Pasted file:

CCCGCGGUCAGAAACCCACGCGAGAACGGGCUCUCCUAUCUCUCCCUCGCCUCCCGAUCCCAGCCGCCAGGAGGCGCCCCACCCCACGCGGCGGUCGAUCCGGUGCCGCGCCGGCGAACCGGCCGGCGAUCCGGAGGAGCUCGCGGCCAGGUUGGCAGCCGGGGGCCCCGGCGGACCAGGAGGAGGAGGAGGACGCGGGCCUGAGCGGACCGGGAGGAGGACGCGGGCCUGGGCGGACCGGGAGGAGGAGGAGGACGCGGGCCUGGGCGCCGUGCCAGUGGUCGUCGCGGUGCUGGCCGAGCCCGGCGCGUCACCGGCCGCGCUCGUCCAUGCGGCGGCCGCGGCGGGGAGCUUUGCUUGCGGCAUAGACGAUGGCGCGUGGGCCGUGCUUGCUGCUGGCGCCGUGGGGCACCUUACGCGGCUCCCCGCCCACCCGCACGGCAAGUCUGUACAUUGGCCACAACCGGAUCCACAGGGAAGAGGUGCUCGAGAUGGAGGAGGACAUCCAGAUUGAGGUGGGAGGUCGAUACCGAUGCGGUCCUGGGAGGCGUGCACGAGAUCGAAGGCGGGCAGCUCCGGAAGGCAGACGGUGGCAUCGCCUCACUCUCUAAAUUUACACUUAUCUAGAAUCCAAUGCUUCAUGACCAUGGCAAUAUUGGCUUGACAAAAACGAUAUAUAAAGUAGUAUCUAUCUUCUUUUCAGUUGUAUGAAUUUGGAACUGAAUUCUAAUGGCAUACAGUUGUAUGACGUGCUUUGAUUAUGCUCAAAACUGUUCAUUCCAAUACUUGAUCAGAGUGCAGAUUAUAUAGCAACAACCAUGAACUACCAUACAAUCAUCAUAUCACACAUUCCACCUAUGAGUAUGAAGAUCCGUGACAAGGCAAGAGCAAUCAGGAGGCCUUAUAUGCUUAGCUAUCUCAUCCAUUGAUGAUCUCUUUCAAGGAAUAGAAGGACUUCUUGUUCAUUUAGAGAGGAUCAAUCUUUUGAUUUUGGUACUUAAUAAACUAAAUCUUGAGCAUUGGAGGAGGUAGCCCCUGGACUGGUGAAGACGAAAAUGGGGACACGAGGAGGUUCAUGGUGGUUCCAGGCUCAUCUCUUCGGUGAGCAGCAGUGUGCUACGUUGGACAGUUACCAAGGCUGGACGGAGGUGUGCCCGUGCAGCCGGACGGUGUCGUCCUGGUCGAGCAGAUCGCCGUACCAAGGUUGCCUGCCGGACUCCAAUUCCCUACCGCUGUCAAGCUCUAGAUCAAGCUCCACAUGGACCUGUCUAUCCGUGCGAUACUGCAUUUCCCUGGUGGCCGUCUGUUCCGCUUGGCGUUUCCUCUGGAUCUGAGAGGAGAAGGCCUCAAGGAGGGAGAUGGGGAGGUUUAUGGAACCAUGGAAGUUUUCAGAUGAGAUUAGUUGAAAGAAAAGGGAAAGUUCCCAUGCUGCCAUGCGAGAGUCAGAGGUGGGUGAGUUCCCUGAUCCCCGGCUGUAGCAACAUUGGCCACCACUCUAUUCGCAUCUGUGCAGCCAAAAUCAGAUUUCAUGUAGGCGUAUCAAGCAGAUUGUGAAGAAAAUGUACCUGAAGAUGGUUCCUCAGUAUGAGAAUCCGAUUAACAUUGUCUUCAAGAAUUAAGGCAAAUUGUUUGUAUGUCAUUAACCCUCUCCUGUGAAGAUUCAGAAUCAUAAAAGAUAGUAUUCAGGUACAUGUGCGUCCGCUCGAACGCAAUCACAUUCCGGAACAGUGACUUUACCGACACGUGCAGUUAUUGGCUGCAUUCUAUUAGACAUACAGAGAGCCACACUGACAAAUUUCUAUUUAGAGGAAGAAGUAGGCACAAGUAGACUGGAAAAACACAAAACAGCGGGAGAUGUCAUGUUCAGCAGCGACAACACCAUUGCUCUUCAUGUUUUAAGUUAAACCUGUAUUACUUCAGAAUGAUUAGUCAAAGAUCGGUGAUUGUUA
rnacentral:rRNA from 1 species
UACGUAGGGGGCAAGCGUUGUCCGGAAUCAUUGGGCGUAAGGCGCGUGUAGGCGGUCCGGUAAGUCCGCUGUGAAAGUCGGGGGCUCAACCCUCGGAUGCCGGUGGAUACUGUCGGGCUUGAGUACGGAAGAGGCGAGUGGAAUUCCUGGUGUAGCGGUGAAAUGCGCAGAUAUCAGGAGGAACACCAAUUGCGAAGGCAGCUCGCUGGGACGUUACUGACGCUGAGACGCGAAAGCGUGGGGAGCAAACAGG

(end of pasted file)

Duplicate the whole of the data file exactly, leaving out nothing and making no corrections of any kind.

CCCGCGGUCAGAAACCCACGCGAGAACGGGCUCUCCUAUCUCUCCCUCGCCUCCCGAUCCCAGCCGCCAGGAGGCGCCCCACCCCACGCGGCGGUCGAUCCGGUGCCGCGCCGGCGAACCGGCCGGCGAUCCGGAGGAGCUCGCGGCCAGGUUGGCAGCCGGGGGCCCCGGCGGACCAGGAGGAGGAGGAGGACGCGGGCCUGAGCGGACCGGGAGGAGGACGCGGGCCUGGGCGGACCGGGAGGAGGAGGAGGACGCGGGCCUGGGCGCCGUGCCAGUGGUCGUCGCGGUGCUGGCCGAGCCCGGCGCGUCACCGGCCGCGCUCGUCCAUGCGGCGGCCGCGGCGGGGAGCUUUGCUUGCGGCAUAGACGAUGGCGCGUGGGCCGUGCUUGCUGCUGGCGCCGUGGGGCACCUUACGCGGCUCCCCGCCCACCCGCACGGCAAGUCUGUACAUUGGCCACAACCGGAUCCACAGGGAAGAGGUGCUCGAGAUGGAGGAGGACAUCCAGAUUGAGGUGGGAGGUCGAUACCGAUGCGGUCCUGGGAGGCGUGCACGAGAUCGAAGGCGGGCAGCUCCGGAAGGCAGACGGUGGCAUCGCCUCACUCUCUAAAUUUACACUUAUCUAGAAUCCAAUGCUUCAUGACCAUGGCAAUAUUGGCUUGACAAAAACGAUAUAUAAAGUAGUAUCUAUCUUCUUUUCAGUUGUAUGAAUUUGGAACUGAAUUCUAAUGGCAUACAGUUGUAUGACGUGCUUUGAUUAUGCUCAAAACUGUUCAUUCCAAUACUUGAUCAGAGUGCAGAUUAUAUAGCAACAACCAUGAACUACCAUACAAUCAUCAUAUCACACAUUCCACCUAUGAGUAUGAAGAUCCGUGACAAGGCAAGAGCAAUCAGGAGGCCUUAUAUGCUUAGCUAUCUCAUCCAUUGAUGAUCUCUUUCAAGGAAUAGAAGGACUUCUUGUUCAUUUAGAGAGGAUCAAUCUUUUGAUUUUGGUACUUAAUAAACUAAAUCUUGAGCAUUGGAGGAGGUAGCCCCUGGACUGGUGAAGACGAAAAUGGGGACACGAGGAGGUUCAUGGUGGUUCCAGGCUCAUCUCUUCGGUGAGCAGCAGUGUGCUACGUUGGACAGUUACCAAGGCUGGACGGAGGUGUGCCCGUGCAGCCGGACGGUGUCGUCCUGGUCGAGCAGAUCGCCGUACCAAGGUUGCCUGCCGGACUCCAAUUCCCUACCGCUGUCAAGCUCUAGAUCAAGCUCCACAUGGACCUGUCUAUCCGUGCGAUACUGCAUUUCCCUGGUGGCCGUCUGUUCCGCUUGGCGUUUCCUCUGGAUCUGAGAGGAGAAGGCCUCAAGGAGGGAGAUGGGGAGGUUUAUGGAACCAUGGAAGUUUUCAGAUGAGAUUAGUUGAAAGAAAAGGGAAAGUUCCCAUGCUGCCAUGCGAGAGUCAGAGGUGGGUGAGUUCCCUGAUCCCCGGCUGUAGCAACAUUGGCCACCACUCUAUUCGCAUCUGUGCAGCCAAAAUCAGAUUUCAUGUAGGCGUAUCAAGCAGAUUGUGAAGAAAAUGUACCUGAAGAUGGUUCCUCAGUAUGAGAAUCCGAUUAACAUUGUCUUCAAGAAUUAAGGCAAAUUGUUUGUAUGUCAUUAACCCUCUCCUGUGAAGAUUCAGAAUCAUAAAAGAUAGUAUUCAGGUACAUGUGCGUCCGCUCGAACGCAAUCACAUUCCGGAACAGUGACUUUACCGACACGUGCAGUUAUUGGCUGCAUUCUAUUAGACAUACAGAGAGCCACACUGACAAAUUUCUAUUUAGAGGAAGAAGUAGGCACAAGUAGACUGGAAAAACACAAAACAGCGGGAGAUGUCAUGUUCAGCAGCGACAACACCAUUGCUCUUCAUGUUUUAAGUUAAACCUGUAUUACUUCAGAAUGAUUAGUCAAAGAUCGGUGAUUGUUA
rnacentral:rRNA from 1 species
UACGUAGGGGGCAAGCGUUGUCCGGAAUCAUUGGGCGUAAGGCGCGUGUAGGCGGUCCGGUAAGUCCGCUGUGAAAGUCGGGGGCUCAACCCUCGGAUGCCGGUGGAUACUGUCGGGCUUGAGUACGGAAGAGGCGAGUGGAAUUCCUGGUGUAGCGGUGAAAUGCGCAGAUAUCAGGAGGAACACCAAUUGCGAAGGCAGCUCGCUGGGACGUUACUGACGCUGAGACGCGAAAGCGUGGGGAGCAAACAGG